As such, the scalability of deep-tier SCF (DTSCF) is being transformed. Indeed, smaller links in the chain, rather than accepting expensive factoring deals, therefore have far quicker and more reliable access to working capital, plus lower funding costs. Corporates able to offer this can also better negotiate benefits: e.g. discounts with those suppliers. They can also expand by creating new connections to new partners and create resiliency in their supply chain. The result is the democratisation of SCF.

In with the new: benefits for all

And with DNIs adopted, the benefits multiply. One is that, unlike current SCF solutions, smaller corporates that do not use enterprise resource planning (ERP) software can upload and submit invoice data using CSV files. DNIs are also flexible. Their application does away with the rigidities of existing SCF solutions, such as invoice finance, returning control of supply chain processes back to buyers and suppliers and all this fully automated without having to change existing processes. For example, corporate treasuries, working in tandem with procurement departments, can choose between self and third-party funding as liquidity needs fluctuate with the business cycle. In most cases the external finance will be treated as supplier finance as opposed to bank debt. Finally, the use of promissory notes provides an opportunity for buyers to extend payment terms without having to modify existing supply contracts.

Perhaps one of the greatest benefits is that DNIs are generated from the “source of truth”, the ERP system of corporate clients and eminently traceable. Compared to paper-based instruments, DNIs are almost impossible to duplicate or tamper with because proof of their existence and ownership is quickly verifiable on a distributed ledger, thereby making SCF processes less vulnerable to financial crime. DNIs and all related information such as for example invoice data, are digitally sealed and only exchangeable using highly secure digital keys, ensuring undisputable transfer from one holder to another. This end-to-end digital process also enhances the transactional audit process. In so doing, the risk transformation and liquidity provision also provide opportunities for automation. As it stands, Arqit’s TradeSecureTM is the only DNI service that is able to generate instruments that are secured against all known forms of computing attack.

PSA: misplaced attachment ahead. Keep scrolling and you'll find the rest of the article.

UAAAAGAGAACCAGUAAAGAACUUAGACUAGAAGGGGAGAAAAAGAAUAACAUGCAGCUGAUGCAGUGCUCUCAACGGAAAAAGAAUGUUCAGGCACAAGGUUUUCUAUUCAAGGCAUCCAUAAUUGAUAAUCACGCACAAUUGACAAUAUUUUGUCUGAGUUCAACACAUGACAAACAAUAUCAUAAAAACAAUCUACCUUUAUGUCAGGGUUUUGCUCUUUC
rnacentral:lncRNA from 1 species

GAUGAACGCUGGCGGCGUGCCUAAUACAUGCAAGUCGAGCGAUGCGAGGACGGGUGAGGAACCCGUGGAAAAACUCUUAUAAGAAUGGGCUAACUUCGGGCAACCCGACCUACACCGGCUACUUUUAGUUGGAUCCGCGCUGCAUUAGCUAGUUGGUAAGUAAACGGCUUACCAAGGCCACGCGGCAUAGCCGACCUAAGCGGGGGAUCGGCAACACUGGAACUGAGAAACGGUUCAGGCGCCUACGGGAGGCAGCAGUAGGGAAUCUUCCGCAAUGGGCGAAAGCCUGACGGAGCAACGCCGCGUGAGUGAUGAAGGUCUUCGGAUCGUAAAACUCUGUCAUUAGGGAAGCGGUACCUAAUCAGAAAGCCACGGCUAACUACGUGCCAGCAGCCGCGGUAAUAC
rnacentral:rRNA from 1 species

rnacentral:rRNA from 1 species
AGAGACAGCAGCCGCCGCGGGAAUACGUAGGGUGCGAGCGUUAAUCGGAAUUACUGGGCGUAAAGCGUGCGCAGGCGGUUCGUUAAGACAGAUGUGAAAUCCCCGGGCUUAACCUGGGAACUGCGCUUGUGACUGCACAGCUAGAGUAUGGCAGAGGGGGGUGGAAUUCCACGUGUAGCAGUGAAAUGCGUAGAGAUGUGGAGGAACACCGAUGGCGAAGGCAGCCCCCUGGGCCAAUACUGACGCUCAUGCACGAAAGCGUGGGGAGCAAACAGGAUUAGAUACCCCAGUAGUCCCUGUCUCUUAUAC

Leveraging DNIs in trade finance will be a far simpler process now that the ETDA is in force. This UK development also helps to encourage global adoption, which is being progressed at the UN level in the Model Law on Electronic Transferrable Records (MLETR). The MLETR is being considered (at various stages) in all the G7 economies, although the UK is the first to adopt it into law via ETDA.

A timely solution to a spiralling scourge on global trade

The ETDA could not come at a more important time. The new legal recognition of digital documents and its enablement of more effective SFC coincides with the release of new figures from the Asian Development Bank (ADB) on the global trade finance gap. The gap, which represents the shortfall between the requests made for funding to support imports and exports, and the funding that is approved, now stands at US$2.5trillion. This figure not only underscores a mammoth shortfall in funding support, but the US$8billion growth over the past two years reveals a rapidly escalating situation. Between 2018 and 2020, there was an increase of US$2billion. This means the growth of the gap is up 400% on the previous period, with the overall gap widening by US$1trillion in the last four years alone.

This growth has been driven by the extreme headwinds that are affecting global trade. Still finding their feet following the impacts of the pandemic, many companies were propelled into further uncertainty by Russia’s invasion of Ukraine, which has caused supply chain and trade route disruption. Moreover, at a time when stability and access to working capital are essential, businesses are facing high levels of inflation in addition to the challenging trade finance landscape.

These latest figures starkly emphasise the need and the urgency for more effective supply chain solutions – and reinforce the value that ETDA, and the DNIs it supports, can bring to the businesses involved in international trade, and to the health of global trade as a whole.

The move towards digitisation through DNIs anchors supply chains to corporates, leveraging their strength to create opportunities for scaling. Their widespread adoption will result in new finance becoming available to a wider range of businesses – thereby acting as a valuable, viable solution to the trade finance gap – as well as the adoption of new financing tools by banks for corporate clients. Ultimately, it will modernise a core component of global trade – and set in motion optimised working capital finance for all.

Published in TRF News | BCR Publishing 27th September.